What’s An Angel Investor? I know this is a little off-topic when compared to my other articles here, but I wanted to share it with you anyway. In the end, most of us are looking to make money and build a nest egg that will allow us to enjoy life rather than merely working to survive. That’s what this whole site is about, breaking free from the traditional 9 to 5.
Most of the time, I review “opportunities,” themes, plugins, tools, platforms, and so on that can help people start or even expand their online business. Today, I’m going to talk about an opportunity that has been around for a very long time but only available to the wealthy elite. That restriction has recently been removed, and angel investing is now open to the masses.
In this post, I will answer the question of “What’s an Angel Investor?”, and talk about what makes angel investing so exciting. We’ll see if you can actually make money, what risks are involved, and discuss the tools and platforms available to you to help you with your research.
Let’s take a look at what an angel investor is and see if it’s something that might be of interest to you…
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In a nutshell, an angel investor is someone who invests in startups.
Often, companies just starting up, need money to develop their ideas, marketing, and so on. Sometimes, the founders will fun the companies themselves (if they have the means) or even ask friends and family to back them. Still, this may be insufficient for their needs, and they may need to go out and try to raise funds in other ways. This can come in the form of business loans, and so on.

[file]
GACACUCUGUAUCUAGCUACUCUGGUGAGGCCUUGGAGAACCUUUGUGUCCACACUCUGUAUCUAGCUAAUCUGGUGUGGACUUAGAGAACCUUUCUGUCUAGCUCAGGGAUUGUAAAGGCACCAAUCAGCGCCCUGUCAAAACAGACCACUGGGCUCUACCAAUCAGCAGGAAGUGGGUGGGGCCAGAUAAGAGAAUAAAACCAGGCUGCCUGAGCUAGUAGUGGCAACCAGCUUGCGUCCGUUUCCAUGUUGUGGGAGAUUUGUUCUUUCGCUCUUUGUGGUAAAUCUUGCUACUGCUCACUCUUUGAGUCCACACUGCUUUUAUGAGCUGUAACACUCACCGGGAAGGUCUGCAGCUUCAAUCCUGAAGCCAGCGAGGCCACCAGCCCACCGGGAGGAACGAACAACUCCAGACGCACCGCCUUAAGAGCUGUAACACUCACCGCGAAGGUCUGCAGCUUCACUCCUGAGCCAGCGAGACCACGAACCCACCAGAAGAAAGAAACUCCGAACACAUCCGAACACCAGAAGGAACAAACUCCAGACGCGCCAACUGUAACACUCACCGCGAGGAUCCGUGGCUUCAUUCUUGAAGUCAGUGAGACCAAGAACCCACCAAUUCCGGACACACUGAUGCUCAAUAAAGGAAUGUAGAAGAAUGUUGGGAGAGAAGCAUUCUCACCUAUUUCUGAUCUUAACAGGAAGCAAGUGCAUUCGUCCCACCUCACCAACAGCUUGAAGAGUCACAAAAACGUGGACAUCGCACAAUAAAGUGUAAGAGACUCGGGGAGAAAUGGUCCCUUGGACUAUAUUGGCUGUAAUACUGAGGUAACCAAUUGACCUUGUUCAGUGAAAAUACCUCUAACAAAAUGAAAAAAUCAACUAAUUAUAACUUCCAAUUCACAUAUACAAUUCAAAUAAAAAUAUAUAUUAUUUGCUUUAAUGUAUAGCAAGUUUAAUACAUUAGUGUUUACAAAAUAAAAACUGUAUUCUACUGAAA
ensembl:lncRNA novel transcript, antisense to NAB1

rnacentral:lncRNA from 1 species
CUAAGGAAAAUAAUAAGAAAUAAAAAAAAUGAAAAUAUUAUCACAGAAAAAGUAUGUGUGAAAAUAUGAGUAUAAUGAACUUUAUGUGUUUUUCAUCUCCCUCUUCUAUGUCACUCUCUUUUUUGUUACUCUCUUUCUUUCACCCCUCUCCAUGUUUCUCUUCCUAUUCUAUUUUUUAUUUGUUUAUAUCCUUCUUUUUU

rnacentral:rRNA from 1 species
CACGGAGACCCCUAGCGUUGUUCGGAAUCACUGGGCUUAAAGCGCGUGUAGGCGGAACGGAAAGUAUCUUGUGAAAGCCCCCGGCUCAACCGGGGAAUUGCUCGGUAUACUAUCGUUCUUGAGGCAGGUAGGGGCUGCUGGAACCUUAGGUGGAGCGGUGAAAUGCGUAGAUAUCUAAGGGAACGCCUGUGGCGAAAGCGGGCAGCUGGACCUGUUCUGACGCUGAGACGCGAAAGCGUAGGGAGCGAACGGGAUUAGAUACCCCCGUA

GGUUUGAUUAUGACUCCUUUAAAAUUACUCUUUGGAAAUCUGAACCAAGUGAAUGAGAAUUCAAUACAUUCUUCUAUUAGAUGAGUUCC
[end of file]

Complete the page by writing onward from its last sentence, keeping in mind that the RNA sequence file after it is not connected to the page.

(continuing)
The problem with that is, many times, specific criteria have to be met to qualify for such loans. Credit history, cash flow, assets, customer base, revenue, etc. It all plays a part in the loan application process. Many times, startup companies simply don’t have the history needed to obtain funding.
That’s where the Angel Investor comes in. People can invest in companies for a variety of reasons. Maybe they just want to help; they like the idea; they want to make money; the list goes on and on. As an angel investor, you decide what makes the company worth investing in.
Up until recently, there have been rules and regulations restricting people from investing in such startups directly unless they met relatively high income and net worth metrics (accredited investors). This was an effort to keep people from throwing their money into highly speculative investments and going broke in the process. Some would argue, it was a way to make the rich, richer and keep the poor, poor.
New legislation has removed much of the restrictions, and now, virtually anyone can invest in startup companies and, through equity crowd funding, become an angel investor. Some can even get in on the bottom floor for as little as $50!
With the addition of a much larger investing base, it didn’t take long for platforms to emerge that help both companies and investors find each other. Well take a look at some later in this post.
I can’t answer for everyone, but there are many reasons I find angel investing exciting. Here are a few of them…